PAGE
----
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HTML < i > Tag

The use of HTML < i > Tags works to differentiate part of the text from the surrounding text. The content inside the < i > Tag usually appears in italic type on the browser. It can be useful to represent some technical terms, phrases, fictional character ideas, etc.

HTML < i > Tag is used to specifying primer in alternate sounds or moods, or otherwise negative by plain prose.

Prototypes, where < i > Tags are good, may include a league designation, a specialized term, a phrase from another language, a transliteration, an idea, or the name of a keel in Western primers.

The original marker is written like this You can use the global class note to identify why the element is being used ( elective).

Proper Use
Note that some authors use the <i tag while other markers may be more appropriate. There are currently some cases where other markers/answers are more fittings < i > which should not be used to manually mark diagonally (this was in a previous display of HTML but not in HTML5). The style field should be used to dub the manual. To dub the manual crossways, you should use the CSS root-style property.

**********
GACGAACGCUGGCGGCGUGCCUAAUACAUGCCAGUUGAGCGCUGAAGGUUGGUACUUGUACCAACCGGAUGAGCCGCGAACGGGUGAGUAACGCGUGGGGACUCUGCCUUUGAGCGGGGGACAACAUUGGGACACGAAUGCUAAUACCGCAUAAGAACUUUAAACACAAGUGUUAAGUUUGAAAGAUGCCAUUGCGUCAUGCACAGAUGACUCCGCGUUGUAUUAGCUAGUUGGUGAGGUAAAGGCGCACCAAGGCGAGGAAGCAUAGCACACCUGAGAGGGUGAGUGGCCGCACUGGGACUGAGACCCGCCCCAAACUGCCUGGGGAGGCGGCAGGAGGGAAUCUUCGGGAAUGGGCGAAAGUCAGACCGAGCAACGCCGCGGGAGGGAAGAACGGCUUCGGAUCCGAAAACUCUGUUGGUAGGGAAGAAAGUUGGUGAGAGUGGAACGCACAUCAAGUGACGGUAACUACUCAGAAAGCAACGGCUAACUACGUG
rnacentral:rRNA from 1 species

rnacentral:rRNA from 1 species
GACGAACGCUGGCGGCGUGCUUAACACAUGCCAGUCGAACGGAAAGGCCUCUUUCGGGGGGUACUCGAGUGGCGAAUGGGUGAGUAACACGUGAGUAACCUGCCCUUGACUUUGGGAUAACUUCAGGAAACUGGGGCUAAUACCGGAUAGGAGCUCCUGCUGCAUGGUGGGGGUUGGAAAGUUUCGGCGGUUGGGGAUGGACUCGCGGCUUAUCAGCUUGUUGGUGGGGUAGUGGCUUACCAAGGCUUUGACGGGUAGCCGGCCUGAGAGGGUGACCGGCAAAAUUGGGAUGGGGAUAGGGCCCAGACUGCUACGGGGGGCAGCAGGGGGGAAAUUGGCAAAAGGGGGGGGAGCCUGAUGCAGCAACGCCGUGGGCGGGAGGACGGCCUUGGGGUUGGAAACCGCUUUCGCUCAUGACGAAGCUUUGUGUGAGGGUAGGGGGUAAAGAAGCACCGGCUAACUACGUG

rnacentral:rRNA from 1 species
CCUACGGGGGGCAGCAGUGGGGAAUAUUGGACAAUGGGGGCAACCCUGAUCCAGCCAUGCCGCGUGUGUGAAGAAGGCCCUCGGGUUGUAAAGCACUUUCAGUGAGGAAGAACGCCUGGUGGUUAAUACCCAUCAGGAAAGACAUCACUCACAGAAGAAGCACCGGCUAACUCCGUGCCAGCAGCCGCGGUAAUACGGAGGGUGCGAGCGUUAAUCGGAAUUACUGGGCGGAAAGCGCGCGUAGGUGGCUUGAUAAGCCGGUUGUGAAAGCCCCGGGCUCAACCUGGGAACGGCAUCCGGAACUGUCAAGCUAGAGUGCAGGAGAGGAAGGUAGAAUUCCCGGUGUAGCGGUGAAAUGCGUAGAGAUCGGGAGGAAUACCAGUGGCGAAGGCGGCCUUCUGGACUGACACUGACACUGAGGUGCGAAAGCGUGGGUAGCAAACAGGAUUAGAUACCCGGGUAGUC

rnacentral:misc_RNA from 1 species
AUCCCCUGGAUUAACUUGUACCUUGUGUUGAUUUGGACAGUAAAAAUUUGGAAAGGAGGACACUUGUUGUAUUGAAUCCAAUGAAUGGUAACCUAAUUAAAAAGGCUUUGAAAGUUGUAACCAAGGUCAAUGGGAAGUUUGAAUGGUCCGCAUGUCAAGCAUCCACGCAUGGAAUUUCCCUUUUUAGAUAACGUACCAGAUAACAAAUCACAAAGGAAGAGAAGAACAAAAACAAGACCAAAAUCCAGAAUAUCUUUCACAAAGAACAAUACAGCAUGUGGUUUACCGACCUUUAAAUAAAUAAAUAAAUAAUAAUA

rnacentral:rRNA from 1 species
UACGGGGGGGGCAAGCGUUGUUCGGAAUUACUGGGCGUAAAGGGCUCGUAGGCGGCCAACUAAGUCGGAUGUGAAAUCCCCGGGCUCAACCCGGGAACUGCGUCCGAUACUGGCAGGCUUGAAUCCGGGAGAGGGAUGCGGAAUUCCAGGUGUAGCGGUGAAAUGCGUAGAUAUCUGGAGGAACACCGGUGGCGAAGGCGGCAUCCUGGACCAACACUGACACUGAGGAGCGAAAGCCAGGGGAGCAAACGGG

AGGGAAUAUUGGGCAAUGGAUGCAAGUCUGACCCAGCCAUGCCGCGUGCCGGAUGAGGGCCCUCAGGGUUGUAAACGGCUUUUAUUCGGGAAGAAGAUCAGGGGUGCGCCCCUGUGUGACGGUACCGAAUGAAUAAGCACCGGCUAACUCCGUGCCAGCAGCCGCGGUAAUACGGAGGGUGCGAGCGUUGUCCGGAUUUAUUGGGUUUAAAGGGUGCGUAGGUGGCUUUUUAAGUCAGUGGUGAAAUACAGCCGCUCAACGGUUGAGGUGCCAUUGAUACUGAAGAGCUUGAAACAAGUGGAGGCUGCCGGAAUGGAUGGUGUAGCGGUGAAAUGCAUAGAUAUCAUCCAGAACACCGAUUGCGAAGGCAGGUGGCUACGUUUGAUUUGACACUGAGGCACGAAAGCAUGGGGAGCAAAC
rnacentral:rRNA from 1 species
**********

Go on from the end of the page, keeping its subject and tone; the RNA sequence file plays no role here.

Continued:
< i > Tag Manual marking with stress should not be used. To do a manual invoice with stress relief, you should use a <em> Tag.

< i > Tag It should not be used to mark manuals with greater importance. To do this, you should use a <strong> Tag.

Also, < i > Tag words should not be used to mark defined patterns (i.e. when defining a word). To do this, use <dfn> Tag.

Example:-

<!DOCTYPE html>
<html>
<head>
  <meta charset="utf-8">
  <title>i tag</title>
</head>
<style type="text/css">
  p i{
    font-weight: bold;
  }
</style>
<body>
<h1> This IS < i > Tag Example</h1>

<p><i>Lorem ipsum dolor sit amet,</i> consectetur adipisicing elit,<br> sed do eiusmodtempor incididunt ut labore et dolore magna aliqua. <br> Ut enim ad minim veniam,</p>

</body>
</html>

Output:-


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